As Pooler mentioned, there are plenty of others like Harris who speak about these very high levels of consciousness. It is more prevalent in Eastern studies, but it can be found in the West as well. At this point, it seems rather ignorant of us to assume that all of these people are simply crazy.
At our level, we can still observe some sense of "Self". When you are thinking, you are able to analyze your own thoughts and notice issues or problems. In order to do this, you are actually stepping back and looking AT your thoughts. As in your thoughts become the object that you are observing instead of the subject doing the observation. This is a very low level of what people like Harris or Wilber are talking about.
It may simply be that their level is not something that is conceivable until you can conceive of it. An example:
Let's go back in history to when everyone thought the world was flat. If you were in this time period, and someone tried to tell you otherwise, you would say they were crazy. That is because your worldview would not allow you to conceive of such a notion. Everything you had observed in the world had told you that the world was flat, therefore how could you possibly think it was round? However, as soon as you went on a boat, or studied the sky, and were able to see differently, your belief on the matter would instantly
I believe the same principle applies with these high levels of consciousness, spirituality and self. Until we go through the same exercises that these philosophers go through and experience the same things that they do, we are unable to see what they see. Remember, spirituality is on the internal spectrum. That means that it cannot simply be observed like something external (aka looking at a brain in a MRI), it must be interacted with and interpreted. That is why it is much harder to fathom and much harder to understand.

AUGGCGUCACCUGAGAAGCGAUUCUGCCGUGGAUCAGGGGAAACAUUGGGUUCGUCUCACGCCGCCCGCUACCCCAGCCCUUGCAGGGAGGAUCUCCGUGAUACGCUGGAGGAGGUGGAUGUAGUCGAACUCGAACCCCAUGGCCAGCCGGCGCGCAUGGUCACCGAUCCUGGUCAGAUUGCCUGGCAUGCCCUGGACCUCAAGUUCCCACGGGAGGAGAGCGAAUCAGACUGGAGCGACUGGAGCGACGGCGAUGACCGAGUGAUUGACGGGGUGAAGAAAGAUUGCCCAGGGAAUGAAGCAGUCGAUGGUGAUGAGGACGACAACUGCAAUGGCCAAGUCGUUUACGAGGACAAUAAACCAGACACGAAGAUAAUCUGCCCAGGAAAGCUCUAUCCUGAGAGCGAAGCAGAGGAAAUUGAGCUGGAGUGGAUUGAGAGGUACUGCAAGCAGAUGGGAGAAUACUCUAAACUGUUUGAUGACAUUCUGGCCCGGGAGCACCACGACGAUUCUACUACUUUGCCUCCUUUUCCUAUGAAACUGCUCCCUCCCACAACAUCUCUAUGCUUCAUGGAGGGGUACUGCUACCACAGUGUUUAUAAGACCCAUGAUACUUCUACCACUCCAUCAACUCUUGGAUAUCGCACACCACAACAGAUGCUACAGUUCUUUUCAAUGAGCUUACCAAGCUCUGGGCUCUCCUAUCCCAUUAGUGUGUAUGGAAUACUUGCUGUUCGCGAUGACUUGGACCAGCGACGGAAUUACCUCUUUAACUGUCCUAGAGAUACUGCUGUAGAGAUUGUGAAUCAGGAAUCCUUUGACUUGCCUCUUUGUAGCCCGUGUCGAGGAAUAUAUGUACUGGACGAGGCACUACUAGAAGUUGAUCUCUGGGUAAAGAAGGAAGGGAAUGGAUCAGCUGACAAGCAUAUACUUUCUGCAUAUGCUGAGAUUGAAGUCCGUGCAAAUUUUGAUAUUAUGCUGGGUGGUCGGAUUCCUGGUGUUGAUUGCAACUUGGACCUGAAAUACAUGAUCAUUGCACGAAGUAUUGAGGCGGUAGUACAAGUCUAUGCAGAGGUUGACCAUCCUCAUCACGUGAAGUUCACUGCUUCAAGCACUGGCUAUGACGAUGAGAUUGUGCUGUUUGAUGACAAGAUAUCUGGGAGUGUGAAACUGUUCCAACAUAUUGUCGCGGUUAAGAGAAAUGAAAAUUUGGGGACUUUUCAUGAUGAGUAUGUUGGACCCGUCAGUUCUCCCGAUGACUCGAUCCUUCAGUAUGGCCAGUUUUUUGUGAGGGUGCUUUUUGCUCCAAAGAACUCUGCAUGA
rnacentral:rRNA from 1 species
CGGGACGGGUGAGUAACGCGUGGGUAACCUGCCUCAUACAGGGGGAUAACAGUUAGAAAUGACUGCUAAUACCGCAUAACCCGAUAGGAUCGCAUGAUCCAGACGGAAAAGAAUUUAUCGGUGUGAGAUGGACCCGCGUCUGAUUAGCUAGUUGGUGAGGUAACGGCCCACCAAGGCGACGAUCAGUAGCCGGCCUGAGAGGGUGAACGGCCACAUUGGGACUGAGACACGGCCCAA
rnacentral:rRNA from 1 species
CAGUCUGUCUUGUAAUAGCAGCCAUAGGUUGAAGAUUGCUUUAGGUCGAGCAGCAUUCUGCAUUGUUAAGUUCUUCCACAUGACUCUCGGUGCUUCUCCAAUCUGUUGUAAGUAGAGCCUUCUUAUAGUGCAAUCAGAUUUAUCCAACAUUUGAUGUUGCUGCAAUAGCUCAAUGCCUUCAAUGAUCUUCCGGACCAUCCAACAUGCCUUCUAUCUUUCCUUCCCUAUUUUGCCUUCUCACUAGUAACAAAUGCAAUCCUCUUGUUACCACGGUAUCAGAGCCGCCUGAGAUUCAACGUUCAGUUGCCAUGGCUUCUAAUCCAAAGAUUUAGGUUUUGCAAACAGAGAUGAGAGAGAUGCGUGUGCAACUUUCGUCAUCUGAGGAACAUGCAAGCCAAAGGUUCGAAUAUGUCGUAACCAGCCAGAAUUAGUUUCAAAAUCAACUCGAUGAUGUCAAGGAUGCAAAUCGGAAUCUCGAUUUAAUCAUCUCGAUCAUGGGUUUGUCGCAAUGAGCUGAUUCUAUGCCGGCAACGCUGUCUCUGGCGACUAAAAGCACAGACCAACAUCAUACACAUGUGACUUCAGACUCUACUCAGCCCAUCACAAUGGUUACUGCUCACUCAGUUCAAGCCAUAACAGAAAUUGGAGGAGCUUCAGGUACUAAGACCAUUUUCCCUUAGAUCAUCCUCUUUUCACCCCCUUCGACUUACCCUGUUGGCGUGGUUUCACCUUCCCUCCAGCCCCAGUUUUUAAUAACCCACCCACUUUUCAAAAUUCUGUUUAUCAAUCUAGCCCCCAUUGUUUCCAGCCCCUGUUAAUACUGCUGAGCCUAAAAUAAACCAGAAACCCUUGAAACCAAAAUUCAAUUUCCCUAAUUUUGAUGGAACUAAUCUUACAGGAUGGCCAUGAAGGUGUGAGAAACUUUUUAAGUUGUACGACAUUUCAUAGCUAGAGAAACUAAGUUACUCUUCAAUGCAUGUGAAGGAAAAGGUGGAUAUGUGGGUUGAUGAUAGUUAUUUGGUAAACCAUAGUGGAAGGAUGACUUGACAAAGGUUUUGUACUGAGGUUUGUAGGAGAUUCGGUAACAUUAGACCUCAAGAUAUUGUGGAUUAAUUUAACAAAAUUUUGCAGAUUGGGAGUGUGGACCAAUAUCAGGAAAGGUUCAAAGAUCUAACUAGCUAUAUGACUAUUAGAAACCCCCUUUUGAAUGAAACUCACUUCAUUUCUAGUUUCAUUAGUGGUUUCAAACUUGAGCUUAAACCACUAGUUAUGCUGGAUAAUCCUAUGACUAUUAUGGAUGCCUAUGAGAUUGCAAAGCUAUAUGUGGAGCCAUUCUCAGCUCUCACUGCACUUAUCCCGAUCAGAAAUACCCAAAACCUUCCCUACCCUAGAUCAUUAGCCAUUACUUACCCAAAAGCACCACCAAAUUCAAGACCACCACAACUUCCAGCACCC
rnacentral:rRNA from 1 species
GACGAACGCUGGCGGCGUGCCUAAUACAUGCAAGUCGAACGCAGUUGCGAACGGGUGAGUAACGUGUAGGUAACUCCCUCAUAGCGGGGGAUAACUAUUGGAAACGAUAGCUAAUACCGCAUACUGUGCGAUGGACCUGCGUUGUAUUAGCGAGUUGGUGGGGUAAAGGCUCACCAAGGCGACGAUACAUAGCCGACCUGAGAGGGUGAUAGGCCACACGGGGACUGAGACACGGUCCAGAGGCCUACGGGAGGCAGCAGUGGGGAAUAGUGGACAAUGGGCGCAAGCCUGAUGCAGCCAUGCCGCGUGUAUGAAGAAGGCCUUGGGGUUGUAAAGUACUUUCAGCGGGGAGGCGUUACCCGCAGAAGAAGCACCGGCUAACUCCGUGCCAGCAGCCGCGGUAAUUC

Therefore, I think his claims certainly hold weight. More importantly, I think we must
investigate and be more open to this way of thinking if we want to move in the most beneficial direction possible for our world. Once again, I by no means think we should get rid of our current rational exterior way of looking at the world. Simply that we should also
incorporate more interior ideas/thinking/studies.--------------------------------------------
Yes, I know this is a wall of text. No, I am not making a tl;dr section. This is intellectual discussion, if you want to read it go for it, if not I don't care. I wrote this more as a way to force myself to write out my thoughts as a learning process. I hope I at least addressed your OP in some way Loop. Please respond if you wish and I will continue to as well.